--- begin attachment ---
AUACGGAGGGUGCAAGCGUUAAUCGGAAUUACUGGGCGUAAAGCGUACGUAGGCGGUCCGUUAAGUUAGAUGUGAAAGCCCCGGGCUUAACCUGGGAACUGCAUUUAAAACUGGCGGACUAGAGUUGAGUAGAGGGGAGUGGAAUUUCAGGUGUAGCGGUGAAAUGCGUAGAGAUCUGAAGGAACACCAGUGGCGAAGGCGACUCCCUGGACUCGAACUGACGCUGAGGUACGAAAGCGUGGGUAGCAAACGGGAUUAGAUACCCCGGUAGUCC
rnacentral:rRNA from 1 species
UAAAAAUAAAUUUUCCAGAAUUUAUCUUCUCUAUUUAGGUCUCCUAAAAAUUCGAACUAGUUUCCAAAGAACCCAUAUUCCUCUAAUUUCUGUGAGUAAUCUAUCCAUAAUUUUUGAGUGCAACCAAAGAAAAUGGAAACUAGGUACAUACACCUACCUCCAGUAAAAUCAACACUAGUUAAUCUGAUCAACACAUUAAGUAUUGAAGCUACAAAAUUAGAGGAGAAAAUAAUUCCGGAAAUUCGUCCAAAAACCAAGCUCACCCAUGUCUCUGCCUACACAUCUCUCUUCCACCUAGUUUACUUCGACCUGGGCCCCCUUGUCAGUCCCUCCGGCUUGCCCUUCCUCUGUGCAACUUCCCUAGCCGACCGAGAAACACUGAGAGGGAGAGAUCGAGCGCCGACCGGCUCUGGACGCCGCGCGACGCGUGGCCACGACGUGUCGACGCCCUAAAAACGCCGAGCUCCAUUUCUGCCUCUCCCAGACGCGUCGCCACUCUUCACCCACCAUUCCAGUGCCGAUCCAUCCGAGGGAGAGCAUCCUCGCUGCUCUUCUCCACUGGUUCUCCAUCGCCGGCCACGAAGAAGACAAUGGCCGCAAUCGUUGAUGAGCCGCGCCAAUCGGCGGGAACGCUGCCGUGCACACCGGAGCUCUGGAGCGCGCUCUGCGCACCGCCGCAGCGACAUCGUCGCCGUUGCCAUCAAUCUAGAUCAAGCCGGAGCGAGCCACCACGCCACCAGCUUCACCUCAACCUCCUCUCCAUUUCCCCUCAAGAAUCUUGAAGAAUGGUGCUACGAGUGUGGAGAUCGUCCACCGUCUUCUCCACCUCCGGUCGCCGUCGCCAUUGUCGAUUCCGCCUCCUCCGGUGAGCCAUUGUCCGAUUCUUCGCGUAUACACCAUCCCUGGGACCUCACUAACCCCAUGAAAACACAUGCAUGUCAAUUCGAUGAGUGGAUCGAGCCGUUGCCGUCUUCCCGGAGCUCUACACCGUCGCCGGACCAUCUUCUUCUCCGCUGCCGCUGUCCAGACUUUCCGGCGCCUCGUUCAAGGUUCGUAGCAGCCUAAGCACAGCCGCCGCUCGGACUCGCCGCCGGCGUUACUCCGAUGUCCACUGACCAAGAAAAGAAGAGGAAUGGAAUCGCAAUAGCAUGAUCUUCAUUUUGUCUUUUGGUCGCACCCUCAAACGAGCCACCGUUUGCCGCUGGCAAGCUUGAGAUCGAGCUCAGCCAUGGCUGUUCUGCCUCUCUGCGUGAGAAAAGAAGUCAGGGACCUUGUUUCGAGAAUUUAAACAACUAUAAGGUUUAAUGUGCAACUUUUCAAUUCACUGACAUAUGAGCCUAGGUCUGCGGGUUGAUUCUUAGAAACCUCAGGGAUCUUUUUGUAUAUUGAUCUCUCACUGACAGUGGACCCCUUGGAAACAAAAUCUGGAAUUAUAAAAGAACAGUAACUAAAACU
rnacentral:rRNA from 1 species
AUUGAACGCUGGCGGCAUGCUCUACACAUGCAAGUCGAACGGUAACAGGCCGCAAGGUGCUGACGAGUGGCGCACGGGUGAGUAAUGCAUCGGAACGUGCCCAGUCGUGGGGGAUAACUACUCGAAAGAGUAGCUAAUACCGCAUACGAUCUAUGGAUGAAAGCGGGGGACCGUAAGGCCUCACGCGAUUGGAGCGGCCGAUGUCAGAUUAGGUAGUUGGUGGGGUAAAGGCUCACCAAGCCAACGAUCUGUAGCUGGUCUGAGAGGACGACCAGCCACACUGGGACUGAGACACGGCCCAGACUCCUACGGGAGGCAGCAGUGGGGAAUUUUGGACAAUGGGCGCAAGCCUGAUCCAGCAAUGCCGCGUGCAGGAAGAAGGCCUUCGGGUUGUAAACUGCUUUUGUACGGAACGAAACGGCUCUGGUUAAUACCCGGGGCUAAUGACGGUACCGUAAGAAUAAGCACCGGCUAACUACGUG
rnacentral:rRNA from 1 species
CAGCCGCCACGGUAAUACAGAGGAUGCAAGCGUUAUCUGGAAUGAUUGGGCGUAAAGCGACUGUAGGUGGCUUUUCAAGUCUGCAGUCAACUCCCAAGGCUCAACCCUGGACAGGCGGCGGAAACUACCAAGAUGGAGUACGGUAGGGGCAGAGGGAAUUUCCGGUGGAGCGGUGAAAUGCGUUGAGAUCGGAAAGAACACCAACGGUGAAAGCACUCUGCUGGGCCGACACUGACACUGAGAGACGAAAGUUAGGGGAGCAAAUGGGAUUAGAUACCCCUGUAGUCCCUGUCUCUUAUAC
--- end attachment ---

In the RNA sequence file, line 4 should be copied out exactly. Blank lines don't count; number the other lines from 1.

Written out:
rnacentral:rRNA from 1 species